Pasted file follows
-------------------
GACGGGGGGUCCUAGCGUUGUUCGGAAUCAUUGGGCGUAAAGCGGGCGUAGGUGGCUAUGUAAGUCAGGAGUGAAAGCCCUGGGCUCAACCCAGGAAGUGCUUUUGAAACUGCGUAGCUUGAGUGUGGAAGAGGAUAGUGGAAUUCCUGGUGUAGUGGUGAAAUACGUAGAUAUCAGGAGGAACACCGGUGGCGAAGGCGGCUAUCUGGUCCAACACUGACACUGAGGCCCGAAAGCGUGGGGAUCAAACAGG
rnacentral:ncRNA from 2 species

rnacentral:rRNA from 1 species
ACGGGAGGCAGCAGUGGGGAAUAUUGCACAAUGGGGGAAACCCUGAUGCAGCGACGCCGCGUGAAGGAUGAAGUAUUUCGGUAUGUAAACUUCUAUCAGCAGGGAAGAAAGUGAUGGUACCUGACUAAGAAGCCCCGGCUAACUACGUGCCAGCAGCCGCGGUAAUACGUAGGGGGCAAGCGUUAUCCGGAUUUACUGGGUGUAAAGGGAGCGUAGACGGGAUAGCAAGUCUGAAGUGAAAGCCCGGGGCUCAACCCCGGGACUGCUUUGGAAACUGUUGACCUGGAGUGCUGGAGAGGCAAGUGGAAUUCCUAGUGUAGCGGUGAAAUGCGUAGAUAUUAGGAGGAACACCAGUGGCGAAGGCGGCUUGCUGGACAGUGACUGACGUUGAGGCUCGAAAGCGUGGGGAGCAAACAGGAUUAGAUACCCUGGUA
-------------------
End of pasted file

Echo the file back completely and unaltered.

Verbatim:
GACGGGGGGUCCUAGCGUUGUUCGGAAUCAUUGGGCGUAAAGCGGGCGUAGGUGGCUAUGUAAGUCAGGAGUGAAAGCCCUGGGCUCAACCCAGGAAGUGCUUUUGAAACUGCGUAGCUUGAGUGUGGAAGAGGAUAGUGGAAUUCCUGGUGUAGUGGUGAAAUACGUAGAUAUCAGGAGGAACACCGGUGGCGAAGGCGGCUAUCUGGUCCAACACUGACACUGAGGCCCGAAAGCGUGGGGAUCAAACAGG
rnacentral:ncRNA from 2 species

rnacentral:rRNA from 1 species
ACGGGAGGCAGCAGUGGGGAAUAUUGCACAAUGGGGGAAACCCUGAUGCAGCGACGCCGCGUGAAGGAUGAAGUAUUUCGGUAUGUAAACUUCUAUCAGCAGGGAAGAAAGUGAUGGUACCUGACUAAGAAGCCCCGGCUAACUACGUGCCAGCAGCCGCGGUAAUACGUAGGGGGCAAGCGUUAUCCGGAUUUACUGGGUGUAAAGGGAGCGUAGACGGGAUAGCAAGUCUGAAGUGAAAGCCCGGGGCUCAACCCCGGGACUGCUUUGGAAACUGUUGACCUGGAGUGCUGGAGAGGCAAGUGGAAUUCCUAGUGUAGCGGUGAAAUGCGUAGAUAUUAGGAGGAACACCAGUGGCGAAGGCGGCUUGCUGGACAGUGACUGACGUUGAGGCUCGAAAGCGUGGGGAGCAAACAGGAUUAGAUACCCUGGUA